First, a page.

Volcanic Sky makes up for lost time

 Volcanic Sky, ridden by Jason Lyon, wins the Think Pink Cup at Mowbray yesterday.

Volcanic Sky, ridden by Jason Lyon, wins the Think Pink Cup at Mowbray yesterday.

WESLEY Vale trainer John Keys can only wonder how good Volcanic Sky might have been had her career not been interrupted by injury.

The rising five-year-old missed more than a year due to bone chips in her knees and was having only her 10th start when she easily won the Think Pink Cup at Mowbray yesterday.

``She's won four races, which is still a good record, but she looked like being anything early on,'' Keys said.

Due to her leg problems, Keys keeps Volcanic Sky away from hard surfaces and limits her trackwork.

``She needs to be kept fresh and we don't do much with her between races,'' the trainer said.

Three of Volcanic Sky's wins have been on wet tracks and jockey Jason Lyon reported that she again revelled in the heavy conditions yesterday.

``She's loves the wet and did it easily,'' Lyon said.

Keys said that with most of the upcoming meetings at Spreyton, he may look ``further afield'' for Volcanic Sky's next start.

``We have dodged Spreyton so far because we thought it may have been too hard on her legs,'' the trainer said.

Keys also won The Examiner Pink Ribbon Breakfast Maiden with Spirit Of Nia who turned out to be Anthony Darmanin's last ride for the day.

Spirit Of Nia threw Darmanin after passing the winning post and the jockey was stood down with a leg injury.

The incident didn't surprise Keys who said that the three-year-old filly was ``hard work'' due to her poor temperament.

``We've always had high hopes for her because she's out of a half sister to Lady Lynette, but she's taken time,'' the trainer said.

The Think Pink Cup was the feature race on a day devoted to fund-raising for the National Breast Cancer Foundation.

A big crowd attended and organisers expected fund-raising to reach $20,000.

Still no fan

AVENTADOR was popular with punters after he narrowly won the Class 1 Handicap but still hasn't won over his Longford trainer Dylan Clark.

Clark said that the four-year-old had a poor attitude and was difficult to like.

``I have to ride him trackwork myself because no-one else wants to get on him,'' the trainer said.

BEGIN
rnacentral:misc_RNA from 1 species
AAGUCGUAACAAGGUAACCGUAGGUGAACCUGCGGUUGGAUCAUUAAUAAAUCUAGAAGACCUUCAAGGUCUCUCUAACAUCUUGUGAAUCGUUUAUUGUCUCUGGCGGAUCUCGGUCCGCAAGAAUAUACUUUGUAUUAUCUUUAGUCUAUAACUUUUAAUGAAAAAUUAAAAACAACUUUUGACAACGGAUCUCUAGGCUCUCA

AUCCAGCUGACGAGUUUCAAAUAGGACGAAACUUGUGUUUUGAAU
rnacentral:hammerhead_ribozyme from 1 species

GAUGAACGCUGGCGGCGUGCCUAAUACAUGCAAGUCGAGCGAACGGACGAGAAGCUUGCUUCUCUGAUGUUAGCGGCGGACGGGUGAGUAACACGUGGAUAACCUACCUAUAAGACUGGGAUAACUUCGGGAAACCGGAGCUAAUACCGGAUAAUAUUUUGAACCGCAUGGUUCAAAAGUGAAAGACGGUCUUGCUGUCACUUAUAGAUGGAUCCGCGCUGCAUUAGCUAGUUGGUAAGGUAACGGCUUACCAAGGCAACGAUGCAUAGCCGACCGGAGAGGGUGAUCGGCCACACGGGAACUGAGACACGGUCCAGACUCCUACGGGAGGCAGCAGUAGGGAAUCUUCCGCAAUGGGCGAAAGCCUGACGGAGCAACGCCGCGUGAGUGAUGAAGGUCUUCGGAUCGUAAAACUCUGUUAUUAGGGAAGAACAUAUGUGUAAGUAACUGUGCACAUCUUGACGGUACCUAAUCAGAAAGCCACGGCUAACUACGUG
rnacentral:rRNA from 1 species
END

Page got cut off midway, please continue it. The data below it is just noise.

Apprentice Hayley McCarthy took over the reins yesterday and gave the well-backed $4.30 favourite a nice run just off the pace before overhauling Triple Bee to score by a head.

Clark, who races Aventador on lease with four partners, said that the Azevedo gelding would now have a break.

``He'll probably go out now until racing comes back to Mowbray'' the trainer said.

Mowbray hosts its last meeting for the season next Sunday then goes into recess until October 8.

 Fast enough

LATROBE trainer Andrew Moore holds no illusions about the ability of Class 1 Plate winner Make Us Richo who broke his maiden status at his 31st start.

``He's probably the slowest horse in Australia _ he can run 14 seconds to the furlong and no faster,'' Moore said.

``But he can run at that pace all day on heavy tracks.''

With that in mind, Moore has his sights on a 3100-metre race at Warrnambool if Make Us Richo runs well again at Mowbray next Sunday.

Kim Moore gave the five-year-old a gun run just behind the leaders in yesterday's 2100m race and he drew clear in the straight to score by almost nine lengths.

``He loves these conditions and, if he couldn't win today, his chances might have passed him by,'' Moore said.

Make Us Richo was having his 13th start since being purchased by Moore and several co-owners.

``I bought him sight unseen and I won't be doing that again _ he's got that many back problems,'' the trainer said.

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